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Jason Gibbs Tradition and Continuities in Vietnamese Social Music Making The Conference of International Musicological Society (IMS),

30.8.2004 Jason Gibbs Tradition and Continuities in Vietnamese Social Music Making The Conference of International Musicological Society (IMS), July 11-16, 2004 

In this paper I’m going to speak of two musical manifestations that couldn’t be sonically more unlike, and couldn’t be more different in their contemporary social valuation. Hat a dao, also known as ca tru, is a refined Vietnamese traditional artform that is perhaps a thousand years old. Karaoke is a medium that is only a few decades old and is not usually thought to constitute a tradition. However, taking a historical perspective and calling on my own experience in Vietnam I find similarity in their social function and believe that the stories I’m going to tell about both forms shed some light on both of them and perhaps on the concept of tradition.

In 2001 the New York Times published an article entitled « A folk tradition fades, but the melody lingers on ». [1] This piece is about 85 year old Pham Thi Mui, « one of the last living masters of ca tru, » which is described as « one of the disappearing traditional art forms that Vietnamese are struggling to preserve as the modern world overwhelms them. » The art of hat a dao was truly a tradition, passed on from mother to daughter; it usually took four to six years of study before a young woman was considered ready to sing. While Mrs. Mui is teaching her traditional art to her granddaughter, she laments: « If I knew it would last, I’d work harder to teach the young people. But I’m afraid it won’t last. I know it won’t last. And even if I teach the youngsters to sing, what audience will they have? »

What today’s Vietnamese call ca tru in the first half of the 20th century was usually called as hat a dao – the term I will use. Ca tru literally means singing with cards, the cards being bamboo tokens given to performers as praise, and payment. Hat a dao means singing of songstresses, a dao being the term for the singers who are always women. [2]Hat a dao is poetry sung to the accompaniment of the dan day, a 3-string lute unique to Vietnam, phach, or a bamboo block, performed by the singer, and the trong chau, a praise drum performed by a listener.
The history of hat a dao is rather murky, but the art appears to have its origins in the court who used it in ceremonies and festivals. It became a music of the regional aristocracy, performed for both kings and mandarins, and was organized according to a guild system. [3] By the 19th century hat a dao moved away from the court and into the private homes of mandarins. This style became known as hat choi or « singing for entertainment » and became the predominant venue for the art. [4] It fostered a style of verse that was individualistic, sometimes expressing discontent with the existing political order; it contained a germ of liberal, independent thought running contrary to Confucianism. [5]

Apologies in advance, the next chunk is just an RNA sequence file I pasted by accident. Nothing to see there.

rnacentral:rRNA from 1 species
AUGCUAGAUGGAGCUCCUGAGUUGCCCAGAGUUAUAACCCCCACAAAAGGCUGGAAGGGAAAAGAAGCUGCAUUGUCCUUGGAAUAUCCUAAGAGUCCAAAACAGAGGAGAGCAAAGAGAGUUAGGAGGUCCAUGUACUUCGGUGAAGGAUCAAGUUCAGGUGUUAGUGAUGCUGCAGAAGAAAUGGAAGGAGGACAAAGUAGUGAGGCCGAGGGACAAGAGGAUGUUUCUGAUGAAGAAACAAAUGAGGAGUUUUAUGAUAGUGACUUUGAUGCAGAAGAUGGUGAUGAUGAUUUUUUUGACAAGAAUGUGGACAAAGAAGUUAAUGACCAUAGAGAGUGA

Stephen Addiss has sketched the creative context of hat a dao:
A literatus, for example, might write a verse and dedicate it to a colleague. Instead of simply giving the poem to his friend, he could take it first to a singer. She would scan it for its form and note the tones of each word, and then accompany the poet to his friend’s house with a dan day player. The friend would strike the small drum in such a way that he could rhythmically comment on the poem. The drum part added to the musical totality making the friend both performer and critic. [6]

By the twentieth century, the reception of hat a dao had became confused. The art form had ceased to be exclusive to the educated mandarinate, and had become a form of private enterprise. A whole entertainment district formed on the outskirts of Hanoi on Kham Thien street. Here what had been an exclusive artform became available to all who could pay.
Novelist Thach Lam wrote in 1933:
“Our elders went to [hat a dao] to withdraw for an instant from society’s strictures, borrowing melodies to engender vague sadness, sorrow, and yearning in their hearts. The songs all speak of the discouragements of man’s short life, the transitory nature of beauty, and of happiness being like an ephemeral dream; all in voices of lament, attachment, and pain”. [7]

He thought that this was appropriate for older men who had experience in the matters of the world. The problem at that time was that hat a dao had become popular among a younger clientele, for whom it promoted dissipation. The songstress houses offered women who were attractive, but not literate. Hat a dao by Thach Lam’s time had become a backdoor to social vices, leading men into questionable liasons, and even worse to venereal disease, gambling, and opium addiction. French government reports categorized co dau as a branch of a flourishing prostitution trade in Hanoi. [8]